If you’re a landlord in Scotland or Wales, you can visit the government’s website or Citizens Advice for information about the equivalent legislation in your area.

Does the Fitness for Human Habitation Act apply to all tenancies?

The Act applies to tenancy agreements in England granted after 20 March 2019. This includes:

  • Tenancies shorter than seven years
  • Seven-year tenancies that can be prematurely terminated by the landlord
  • Secure, introductory or assured fixed-term tenancies of more than years
  • Tenancies renewed for a fixed term

The Act will apply to all periodic tenancies (including those that started before 20 March 2019) from 20 March 2020.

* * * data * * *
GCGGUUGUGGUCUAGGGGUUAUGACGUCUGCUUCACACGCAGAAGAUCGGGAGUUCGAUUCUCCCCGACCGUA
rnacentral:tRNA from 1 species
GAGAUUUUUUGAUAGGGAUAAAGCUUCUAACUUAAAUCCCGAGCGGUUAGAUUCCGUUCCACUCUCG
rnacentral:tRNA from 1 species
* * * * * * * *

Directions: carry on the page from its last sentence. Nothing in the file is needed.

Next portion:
The Act does not apply to:

  • Licence agreements – such as lodgers, people living in temporary accommodation and some property guardians
  • Shared ownership leases
  • Most business, government or local authority tenancies

For more information about the type of tenancies covered by the Fitness for Human Habitation Act, visit the government’s website here.

Does my property meet the Fitness for Human Habitation Act criteria?

A property would be deemed unfit by the courts if one or more of the following issues were so bad that it would be unreasonable to expect a person to live there.

  • Unstable building
  • Serious dampness
  • Unsafe layout
  • Not enough natural light
  • Bad ventilation
  • No hot or cold water
  • Drainage or toilets issues
  • Poor cooking or washing up facilities
  • Or, any of the hazards set out in the Housing Health and Safety (England) Regulations